The Prince of Wales has joined hundreds of members of the public for the funeral of the last of the famous Mitford sisters.
There were scenes from a bygone age at Chatsworth House, in Derbyshire, today as Charles and Camilla joined the family of the dowager duchess of Devonshire who died peacefully last Wednesday morning at the age of 94.
More than 600 members of the estate staff, dressed in traditional livery, lined the mile long route the cortege took through the park to St Peter's Church, in Edensor.
The royal mourners walked behind the hearse just after the current Duke of Devonshire and other close family members as it moved slowly through the spectacular landscape.
Deborah Vivien Cavendish moved in the same circles as Winston Churchill, John F Kennedy, Adolf Hitler and Evelyn Waugh and epitomised a privileged and glamorous aristocratic lifestyle that no longer exists.
Charles paid tribute to her after her death, saying he "adored and admired" her.
Mourners gather outside St Peter's Church at Edensor on the Chatsworth estate in the Peak District for the funeral of the Dowager, Duchess of Devonshire, who's died at the age of 94. Prince Charles is expected to be among the thousands of people who'll come to pay their respects.
Mourners gather for Dowager Duchess' funeralRead the full story ›
The funeral of Deborah, the Dowager Duchess of Devonshire will take place later today.
The Duke of Devonshire's mother died last month at the age of 94.
She was the youngest and last surviving Mitford sister - who for almost fifty years ran the Chatsworth House with her late husband Andrew Cavendish.
The service will be held at St Peter's Church in Edensor within the Chatsworth estate and a book of condolence will be placed in Flora's Temple, inside the Chatsworth Garden, for guests to sign.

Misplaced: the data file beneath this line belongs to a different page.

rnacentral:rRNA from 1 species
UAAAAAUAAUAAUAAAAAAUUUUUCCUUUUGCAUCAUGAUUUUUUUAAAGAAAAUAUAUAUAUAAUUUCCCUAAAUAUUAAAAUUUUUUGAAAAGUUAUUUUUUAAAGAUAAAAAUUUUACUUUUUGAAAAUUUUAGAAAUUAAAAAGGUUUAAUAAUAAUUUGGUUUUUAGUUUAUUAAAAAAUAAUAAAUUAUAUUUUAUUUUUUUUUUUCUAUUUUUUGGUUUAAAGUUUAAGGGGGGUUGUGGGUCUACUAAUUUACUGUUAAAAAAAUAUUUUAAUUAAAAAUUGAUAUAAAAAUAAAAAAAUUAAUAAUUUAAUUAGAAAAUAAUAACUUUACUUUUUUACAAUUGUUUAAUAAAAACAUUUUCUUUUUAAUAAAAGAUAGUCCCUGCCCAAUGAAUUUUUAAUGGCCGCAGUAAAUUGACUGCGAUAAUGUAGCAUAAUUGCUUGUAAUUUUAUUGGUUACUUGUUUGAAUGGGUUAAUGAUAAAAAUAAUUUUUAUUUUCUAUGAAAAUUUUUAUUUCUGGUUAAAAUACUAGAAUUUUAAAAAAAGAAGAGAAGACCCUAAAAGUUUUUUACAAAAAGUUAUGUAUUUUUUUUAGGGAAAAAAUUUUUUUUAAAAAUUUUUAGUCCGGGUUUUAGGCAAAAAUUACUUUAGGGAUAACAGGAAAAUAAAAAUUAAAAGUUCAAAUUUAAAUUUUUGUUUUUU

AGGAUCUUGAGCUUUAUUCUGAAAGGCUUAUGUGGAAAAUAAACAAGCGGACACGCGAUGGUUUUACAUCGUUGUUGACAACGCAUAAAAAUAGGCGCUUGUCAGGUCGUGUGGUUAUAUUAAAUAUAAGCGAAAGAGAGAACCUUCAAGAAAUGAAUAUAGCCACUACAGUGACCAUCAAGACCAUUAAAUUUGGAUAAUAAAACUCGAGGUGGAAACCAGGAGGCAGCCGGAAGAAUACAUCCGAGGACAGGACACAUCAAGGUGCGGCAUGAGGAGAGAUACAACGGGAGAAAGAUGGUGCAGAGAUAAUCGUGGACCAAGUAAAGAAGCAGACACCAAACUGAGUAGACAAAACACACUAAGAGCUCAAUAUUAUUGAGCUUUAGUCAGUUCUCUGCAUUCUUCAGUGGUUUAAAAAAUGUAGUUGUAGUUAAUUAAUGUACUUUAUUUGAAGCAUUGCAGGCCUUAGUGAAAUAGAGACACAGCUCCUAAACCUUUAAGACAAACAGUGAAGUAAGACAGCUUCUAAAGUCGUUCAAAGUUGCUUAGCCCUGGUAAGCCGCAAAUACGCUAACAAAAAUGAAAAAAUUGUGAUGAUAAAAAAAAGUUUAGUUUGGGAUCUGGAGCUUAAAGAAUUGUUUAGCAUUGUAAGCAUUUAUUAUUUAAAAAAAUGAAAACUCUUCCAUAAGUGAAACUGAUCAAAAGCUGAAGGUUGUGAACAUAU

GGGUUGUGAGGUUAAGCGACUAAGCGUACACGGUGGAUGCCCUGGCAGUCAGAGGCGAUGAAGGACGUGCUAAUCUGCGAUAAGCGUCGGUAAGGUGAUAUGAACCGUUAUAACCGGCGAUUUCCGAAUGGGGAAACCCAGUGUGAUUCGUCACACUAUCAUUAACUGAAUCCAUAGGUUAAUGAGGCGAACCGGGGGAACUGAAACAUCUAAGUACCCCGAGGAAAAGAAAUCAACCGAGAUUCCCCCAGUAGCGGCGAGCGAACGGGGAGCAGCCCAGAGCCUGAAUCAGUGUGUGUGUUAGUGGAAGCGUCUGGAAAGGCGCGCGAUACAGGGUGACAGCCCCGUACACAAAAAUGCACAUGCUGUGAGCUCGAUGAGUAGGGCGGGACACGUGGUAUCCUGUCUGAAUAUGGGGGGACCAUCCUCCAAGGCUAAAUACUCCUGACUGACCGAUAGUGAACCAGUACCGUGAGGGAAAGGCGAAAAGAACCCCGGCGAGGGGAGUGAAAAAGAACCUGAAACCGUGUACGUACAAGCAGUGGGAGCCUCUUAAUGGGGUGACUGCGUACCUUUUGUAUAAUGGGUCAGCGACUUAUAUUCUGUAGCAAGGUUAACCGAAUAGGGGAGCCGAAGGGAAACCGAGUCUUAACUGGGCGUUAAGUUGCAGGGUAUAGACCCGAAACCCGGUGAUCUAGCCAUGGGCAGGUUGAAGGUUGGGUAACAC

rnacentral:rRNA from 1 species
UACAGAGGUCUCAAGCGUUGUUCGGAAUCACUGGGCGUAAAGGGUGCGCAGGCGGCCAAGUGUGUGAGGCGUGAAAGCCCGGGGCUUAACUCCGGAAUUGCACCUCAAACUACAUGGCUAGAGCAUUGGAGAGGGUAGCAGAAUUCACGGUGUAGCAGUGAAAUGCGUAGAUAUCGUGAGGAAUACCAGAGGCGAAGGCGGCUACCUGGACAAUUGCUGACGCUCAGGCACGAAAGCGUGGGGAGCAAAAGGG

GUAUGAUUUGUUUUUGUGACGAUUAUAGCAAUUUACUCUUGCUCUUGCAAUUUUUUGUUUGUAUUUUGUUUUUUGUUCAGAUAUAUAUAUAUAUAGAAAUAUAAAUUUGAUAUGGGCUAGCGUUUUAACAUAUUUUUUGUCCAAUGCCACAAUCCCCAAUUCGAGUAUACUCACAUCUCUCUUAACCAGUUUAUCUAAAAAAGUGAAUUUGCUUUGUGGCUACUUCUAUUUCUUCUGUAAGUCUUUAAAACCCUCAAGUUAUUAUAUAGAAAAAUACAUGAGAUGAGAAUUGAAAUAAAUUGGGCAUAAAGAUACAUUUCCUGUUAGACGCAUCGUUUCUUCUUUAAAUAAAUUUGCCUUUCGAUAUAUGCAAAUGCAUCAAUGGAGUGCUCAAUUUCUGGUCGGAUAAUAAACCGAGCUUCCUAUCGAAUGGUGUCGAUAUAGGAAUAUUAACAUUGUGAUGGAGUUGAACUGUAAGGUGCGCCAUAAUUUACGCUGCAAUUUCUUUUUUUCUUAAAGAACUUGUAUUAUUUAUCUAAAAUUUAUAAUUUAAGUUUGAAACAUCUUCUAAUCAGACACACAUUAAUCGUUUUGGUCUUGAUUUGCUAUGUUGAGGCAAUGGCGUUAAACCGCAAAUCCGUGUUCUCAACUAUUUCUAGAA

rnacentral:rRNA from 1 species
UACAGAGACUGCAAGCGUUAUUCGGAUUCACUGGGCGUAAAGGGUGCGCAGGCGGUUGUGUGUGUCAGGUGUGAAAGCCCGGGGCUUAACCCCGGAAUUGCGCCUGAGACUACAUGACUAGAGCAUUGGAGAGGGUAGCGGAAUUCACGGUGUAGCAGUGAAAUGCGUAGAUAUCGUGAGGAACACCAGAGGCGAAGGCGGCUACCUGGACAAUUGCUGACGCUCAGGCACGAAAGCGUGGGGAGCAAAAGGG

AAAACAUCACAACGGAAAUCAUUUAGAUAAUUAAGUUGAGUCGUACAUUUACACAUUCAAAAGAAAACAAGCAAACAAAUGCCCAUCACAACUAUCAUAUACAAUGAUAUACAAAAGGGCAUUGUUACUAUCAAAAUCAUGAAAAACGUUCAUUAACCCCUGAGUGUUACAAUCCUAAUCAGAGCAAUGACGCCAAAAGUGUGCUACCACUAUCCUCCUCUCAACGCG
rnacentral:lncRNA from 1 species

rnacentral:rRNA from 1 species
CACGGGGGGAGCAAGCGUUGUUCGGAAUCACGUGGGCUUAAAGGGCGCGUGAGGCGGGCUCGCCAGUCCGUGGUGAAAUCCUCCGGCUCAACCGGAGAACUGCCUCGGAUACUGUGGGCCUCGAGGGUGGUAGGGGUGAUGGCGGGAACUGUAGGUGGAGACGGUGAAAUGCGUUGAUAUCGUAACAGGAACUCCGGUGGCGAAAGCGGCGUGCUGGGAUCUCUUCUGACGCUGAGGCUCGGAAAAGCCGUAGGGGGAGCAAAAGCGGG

Tributes are pouring in for the Dowager Duchess of Devonshire, who died yesterday.
Deborah Vivien Cavendish - the last of the famous Mitford sisters - died aged 94.
She was the main public face of Chatsworth House - who have released new pictures of the Duchess - for many decades.
A book of condolences has opened at Chatsworth. To find out when and where you can sign it click here
People have already taken to Twitter to offer their condolences:
Sorry to hear of death of #Dowager Duchess of Devonshire. Met her once & lived next door to her cousin Madeau Stewart for years. Fab lady
Sad to hear of the death of the Dowager Duchess of Devonshire, a pioneer of the farm shop, direct selling & supporting all local producers
The Dowager Duchess of Devonshire - and the last of the famous Mitford sisters - has died at the age of 94.
She and her aristocratic sisters achieved fame and notoriety for their writing careers, love lives and controversial political opinions.
In 1941, Deborah Mitford married Lord Andrew Cavendish and the pair became the Duke and Duchess of Devonshire a decade later, after the deaths of Lord Cavendish's father and older brother.
They lived at Chatsworth House in Derbyshire, and the title passed to the couple's son after the Duke's death in 2004.
The Dowager Duchess of Devonshire died peacefully this morning.
There is one more chance to see the world's last two Lancaster bombers in flight together later today - before one flies back to Canada next week.
Weather permitting - and so far it is looking good - they will fly in formation over Derwent Dam in the Hope Valley - for the first time in 50 years.
The British Lancaster will be joined by its Canadian counterpart, Vera, which has flown across the 'Pond' for a series of summer events.
A Hurricane and Spitfire will also pass over the dam at around 4.45pm on their way back to RAF Coningsby from Southport Air Show.
The head of a children's cancer charity in our region is preparing to fly to the Czech republic to help pay for treatment there for the young brain tumour patient Ashya King. Ashya's parents sparked an international police hunt when they removed him from hospital without the permission of doctors. Jon Hill reports.
Gary Cahill is honoured to have been named England vice-captain by Roy Hodgson as the Chelsea defender eyes another strong season which he hopes will culminate in silverware.
The 28-year-old who is originally from Dronfield, has been rewarded for his consistency for club and country by being formally named Rooney's deputy and received the armband when the Manchester United forward was substituted in England's recent wins over Norway and Switzerland.
It's an ambition, but more of a dream, to captain your country. It's still an amazing feeling every time you put on an England shirt to go out to play. In the next few years, whether Wayne's rested or injured, there might be an opportunity to captain the team. To know that is unbelievable. To have (the armband) for the short period of time in both games felt really good. It's something I'm really proud of and I'll relish.